Your header is a fixed height and therefore you are relying on padding + font-size + line-height + margin to get your second nav to sit on the bottom of the header. If any of these differ or the user resizes the text then the bottom nav is going to be misplaced.
You could either not use a height at all for the header and then any differences will not be noticed cross browser. You’d just need to make sure you clear the floats so the header background extends around them.
If the header must be that fixed height then a better alternative would be to place the second nav absolutely on the bottom and then it will be exact cross browser (apart from Ie6 which is one pixel out when bottom is used and the distance covered is an odd number of pixels - but that won’t really notice.)
It also means if text is resized the text rises upwards and doesn’t break out of the header.
There was no need to wrap divs around the uls unless you had good reason. Also use classes instead of duplicating ids all the time when most of the styles could be re-used.
Don’t use the global reset (* margin:0;padding:0) and especially don’t apply things like list-style:none to it either as that is a waste of time as only uls and ols have that style. Indeed, I believe some old IE versions crash if you do things like that.
I generally agree with donboe here, mostly because padding shows the moment a background colour, image, or border is added. Margins stay invisible.
What I would do is empty the navs (so it’s just ul, which is illegal but this is just for testing) and get them positioned where you want based on then default document flow… then use margins from there.
Keep in mind that with floated children like you have (which is fine) means unless you trigger both Haslayout in IE and something like overflow: hidden for float-wrapping in Modern Browsers, you won’t see or affect the positioning much of the children.
If you’ve never heard what I’m talking about, let us know. It’s common but a great cause of trouble to those new to CSS.
u have to THINK abouit what your desired effect is. ASK the following questions.
is the size of my header fixed AND independent of the size of the navigation ( lets ay in the case where you have a header that needs to show a 900 x 200px image… , for example)… in this case you are better off setting height + width… and using either or ABSOLUTE positioning
BUT if you want the nav to determine the size of your header, you COULD use RELATIVE POSITIONING and MARGIN. The size of the document will me based on your content, but you can offset the position in which it’s displayed.
I should clarify that margins and padding are different things although at times they can accomplish the same task.
Margin is the space outside the element and padding is the space inside the element. Margins collapse in certain circumstances but padding never collapses.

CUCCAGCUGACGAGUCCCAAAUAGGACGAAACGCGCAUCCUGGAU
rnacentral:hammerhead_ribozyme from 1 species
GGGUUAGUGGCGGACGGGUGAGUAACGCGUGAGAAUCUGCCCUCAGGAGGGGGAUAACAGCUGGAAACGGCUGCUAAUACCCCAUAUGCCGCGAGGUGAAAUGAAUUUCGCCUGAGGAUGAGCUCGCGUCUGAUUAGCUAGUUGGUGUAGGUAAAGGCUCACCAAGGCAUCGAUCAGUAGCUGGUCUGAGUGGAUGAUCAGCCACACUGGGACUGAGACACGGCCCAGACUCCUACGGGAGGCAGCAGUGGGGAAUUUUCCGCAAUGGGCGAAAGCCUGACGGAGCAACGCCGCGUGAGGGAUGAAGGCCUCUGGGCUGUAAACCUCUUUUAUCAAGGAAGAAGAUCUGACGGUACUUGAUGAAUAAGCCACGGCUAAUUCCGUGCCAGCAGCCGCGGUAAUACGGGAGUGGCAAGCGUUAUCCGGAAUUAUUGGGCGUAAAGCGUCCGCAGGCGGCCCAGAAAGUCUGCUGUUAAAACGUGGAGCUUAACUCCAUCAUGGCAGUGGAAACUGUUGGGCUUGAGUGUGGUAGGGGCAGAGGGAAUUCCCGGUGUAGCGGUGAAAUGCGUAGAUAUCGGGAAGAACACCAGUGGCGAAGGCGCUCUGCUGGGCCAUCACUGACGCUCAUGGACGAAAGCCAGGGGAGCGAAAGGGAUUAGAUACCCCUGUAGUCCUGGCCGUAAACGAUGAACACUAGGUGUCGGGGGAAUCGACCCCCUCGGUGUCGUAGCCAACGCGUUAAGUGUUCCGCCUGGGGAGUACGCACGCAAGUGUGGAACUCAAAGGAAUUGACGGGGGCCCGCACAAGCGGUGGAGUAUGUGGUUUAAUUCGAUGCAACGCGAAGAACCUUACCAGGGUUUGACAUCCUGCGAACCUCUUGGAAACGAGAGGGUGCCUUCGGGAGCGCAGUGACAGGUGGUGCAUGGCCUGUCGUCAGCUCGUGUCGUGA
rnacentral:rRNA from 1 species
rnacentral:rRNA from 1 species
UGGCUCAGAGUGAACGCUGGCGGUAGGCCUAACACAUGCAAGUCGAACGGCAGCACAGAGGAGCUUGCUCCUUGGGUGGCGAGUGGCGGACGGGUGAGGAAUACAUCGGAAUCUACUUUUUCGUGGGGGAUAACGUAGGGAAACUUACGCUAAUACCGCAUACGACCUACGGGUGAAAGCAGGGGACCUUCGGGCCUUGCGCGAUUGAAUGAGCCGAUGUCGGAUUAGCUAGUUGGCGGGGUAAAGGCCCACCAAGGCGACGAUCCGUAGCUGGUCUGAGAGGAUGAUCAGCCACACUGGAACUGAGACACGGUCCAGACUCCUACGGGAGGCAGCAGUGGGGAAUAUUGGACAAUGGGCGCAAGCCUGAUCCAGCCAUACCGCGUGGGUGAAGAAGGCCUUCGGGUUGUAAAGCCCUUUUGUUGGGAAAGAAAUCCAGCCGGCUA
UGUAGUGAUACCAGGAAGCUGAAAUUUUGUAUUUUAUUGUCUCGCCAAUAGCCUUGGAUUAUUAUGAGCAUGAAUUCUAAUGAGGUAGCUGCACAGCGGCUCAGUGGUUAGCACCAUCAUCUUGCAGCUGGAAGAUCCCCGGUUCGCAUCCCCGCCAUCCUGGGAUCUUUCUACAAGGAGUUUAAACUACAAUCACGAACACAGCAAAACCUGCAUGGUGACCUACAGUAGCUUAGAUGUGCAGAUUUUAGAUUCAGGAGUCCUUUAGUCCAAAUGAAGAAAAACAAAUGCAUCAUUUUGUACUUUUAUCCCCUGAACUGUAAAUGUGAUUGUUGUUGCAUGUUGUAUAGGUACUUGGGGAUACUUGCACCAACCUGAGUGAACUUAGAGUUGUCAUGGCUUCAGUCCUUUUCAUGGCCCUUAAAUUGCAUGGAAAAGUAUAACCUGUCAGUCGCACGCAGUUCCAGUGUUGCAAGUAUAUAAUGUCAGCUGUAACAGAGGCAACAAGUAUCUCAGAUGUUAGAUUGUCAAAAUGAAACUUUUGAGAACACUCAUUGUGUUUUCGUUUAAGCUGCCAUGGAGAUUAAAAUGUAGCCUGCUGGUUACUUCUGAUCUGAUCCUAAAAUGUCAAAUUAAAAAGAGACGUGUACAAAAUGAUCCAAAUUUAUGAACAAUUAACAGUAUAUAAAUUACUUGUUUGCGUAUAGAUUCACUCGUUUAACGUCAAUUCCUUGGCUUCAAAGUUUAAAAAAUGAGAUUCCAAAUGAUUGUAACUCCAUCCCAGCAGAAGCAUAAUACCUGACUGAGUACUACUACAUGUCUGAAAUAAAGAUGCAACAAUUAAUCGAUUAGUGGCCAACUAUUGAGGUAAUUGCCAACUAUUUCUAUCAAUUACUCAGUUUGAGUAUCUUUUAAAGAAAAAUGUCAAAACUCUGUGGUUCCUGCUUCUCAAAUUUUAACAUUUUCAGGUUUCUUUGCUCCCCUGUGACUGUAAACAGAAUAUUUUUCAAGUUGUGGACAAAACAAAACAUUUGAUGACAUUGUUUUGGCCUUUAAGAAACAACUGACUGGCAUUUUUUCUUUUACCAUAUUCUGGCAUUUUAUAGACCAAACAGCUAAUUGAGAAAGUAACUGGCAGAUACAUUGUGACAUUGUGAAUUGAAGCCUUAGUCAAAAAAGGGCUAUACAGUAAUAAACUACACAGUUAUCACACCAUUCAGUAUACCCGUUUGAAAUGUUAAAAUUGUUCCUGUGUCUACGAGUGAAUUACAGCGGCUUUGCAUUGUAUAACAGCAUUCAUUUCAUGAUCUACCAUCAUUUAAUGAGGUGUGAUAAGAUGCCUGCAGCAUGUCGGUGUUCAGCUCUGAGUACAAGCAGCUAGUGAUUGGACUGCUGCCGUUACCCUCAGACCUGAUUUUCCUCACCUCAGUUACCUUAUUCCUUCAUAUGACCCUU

For the first statically placed element inside a container the top margin would collapse with the parent and instead of the inner element being moved the parent would be moved instead and the inner element would remain stuck to the top of the parent. In cases like this top padding would be more suitable (assuming that the element in question does not have a specific height that needs to be maintained).
In most normal cases though margins are the preferred method to move things around. It does depend on situation and whether margin collapse is an issue but margin and padding are different things although as mentioned above they can accomplish similar things in the right situation.
If you have “non-wrapping” text then you can set the line-height to the same as the height for that element and the text will automatically be vertically centred within that element.
This has a number of good benefits over using padding top and bottom and they are as follows:
If you use padding top and padding bottom the you have to calculate font-size + padding top + padding bottom + line-height to arrive at a final height. With the line-height method you have no calculations.
If you haven’t worked these measurements out exactly then your dimensions will be inaccurate. The issue is also compounded by the fact that you may have rounding issues to arrive at a final size and the fact that browsers will vary on the font-size anyway.
If the user resizes the text then the element grows in height because the padding top and bottom push out and if the background was a fixed height image then the layout breaks. using line-height the image can resize and still stay vertically centred and not break the layout for quite a few resizes.
It’s just a simpler and more robust way to vertically centre text within an element.
If you have text that wraps to two lines then you would need to use the padding method but for most menus which don’t have wrapping text then the line-height method is simpler and more robust.